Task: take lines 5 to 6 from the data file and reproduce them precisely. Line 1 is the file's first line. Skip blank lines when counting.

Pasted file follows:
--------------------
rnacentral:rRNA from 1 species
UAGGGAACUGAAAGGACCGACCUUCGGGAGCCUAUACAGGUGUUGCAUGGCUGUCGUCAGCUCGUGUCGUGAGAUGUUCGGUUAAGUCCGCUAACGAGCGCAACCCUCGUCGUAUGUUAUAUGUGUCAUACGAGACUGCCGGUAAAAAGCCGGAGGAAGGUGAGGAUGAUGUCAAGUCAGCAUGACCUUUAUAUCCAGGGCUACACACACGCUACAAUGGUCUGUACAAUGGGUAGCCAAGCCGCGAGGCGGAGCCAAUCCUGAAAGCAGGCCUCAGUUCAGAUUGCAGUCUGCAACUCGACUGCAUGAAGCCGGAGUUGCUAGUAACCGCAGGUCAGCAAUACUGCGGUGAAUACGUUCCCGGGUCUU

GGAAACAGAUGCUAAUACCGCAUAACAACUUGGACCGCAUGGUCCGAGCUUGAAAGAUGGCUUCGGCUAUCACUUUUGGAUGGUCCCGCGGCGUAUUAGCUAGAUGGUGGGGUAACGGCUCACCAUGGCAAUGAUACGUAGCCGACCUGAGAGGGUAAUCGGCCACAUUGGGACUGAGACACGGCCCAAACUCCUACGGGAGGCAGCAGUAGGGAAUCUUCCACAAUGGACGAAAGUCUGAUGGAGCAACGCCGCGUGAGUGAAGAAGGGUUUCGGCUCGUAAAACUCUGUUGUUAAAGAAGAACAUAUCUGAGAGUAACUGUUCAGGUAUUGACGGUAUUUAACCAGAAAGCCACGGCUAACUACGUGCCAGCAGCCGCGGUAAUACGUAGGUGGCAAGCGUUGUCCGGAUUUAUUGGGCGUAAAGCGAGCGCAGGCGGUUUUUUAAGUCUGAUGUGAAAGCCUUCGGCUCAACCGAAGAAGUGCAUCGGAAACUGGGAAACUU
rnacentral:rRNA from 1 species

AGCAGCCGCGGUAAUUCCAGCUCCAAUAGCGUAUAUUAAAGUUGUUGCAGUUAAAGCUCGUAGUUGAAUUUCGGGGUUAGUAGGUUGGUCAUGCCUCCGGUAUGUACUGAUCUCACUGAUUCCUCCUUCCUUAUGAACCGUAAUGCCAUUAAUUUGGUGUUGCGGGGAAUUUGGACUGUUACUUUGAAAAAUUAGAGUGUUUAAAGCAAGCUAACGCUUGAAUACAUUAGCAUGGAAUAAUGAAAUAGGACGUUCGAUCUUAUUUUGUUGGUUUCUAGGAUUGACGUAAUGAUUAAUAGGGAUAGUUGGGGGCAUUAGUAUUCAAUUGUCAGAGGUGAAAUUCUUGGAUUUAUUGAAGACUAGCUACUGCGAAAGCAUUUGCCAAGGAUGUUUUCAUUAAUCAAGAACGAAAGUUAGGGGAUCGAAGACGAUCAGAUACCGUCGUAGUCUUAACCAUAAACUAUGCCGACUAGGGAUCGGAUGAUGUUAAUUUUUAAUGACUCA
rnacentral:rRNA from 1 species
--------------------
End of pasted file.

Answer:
AGCAGCCGCGGUAAUUCCAGCUCCAAUAGCGUAUAUUAAAGUUGUUGCAGUUAAAGCUCGUAGUUGAAUUUCGGGGUUAGUAGGUUGGUCAUGCCUCCGGUAUGUACUGAUCUCACUGAUUCCUCCUUCCUUAUGAACCGUAAUGCCAUUAAUUUGGUGUUGCGGGGAAUUUGGACUGUUACUUUGAAAAAUUAGAGUGUUUAAAGCAAGCUAACGCUUGAAUACAUUAGCAUGGAAUAAUGAAAUAGGACGUUCGAUCUUAUUUUGUUGGUUUCUAGGAUUGACGUAAUGAUUAAUAGGGAUAGUUGGGGGCAUUAGUAUUCAAUUGUCAGAGGUGAAAUUCUUGGAUUUAUUGAAGACUAGCUACUGCGAAAGCAUUUGCCAAGGAUGUUUUCAUUAAUCAAGAACGAAAGUUAGGGGAUCGAAGACGAUCAGAUACCGUCGUAGUCUUAACCAUAAACUAUGCCGACUAGGGAUCGGAUGAUGUUAAUUUUUAAUGACUCA
rnacentral:rRNA from 1 species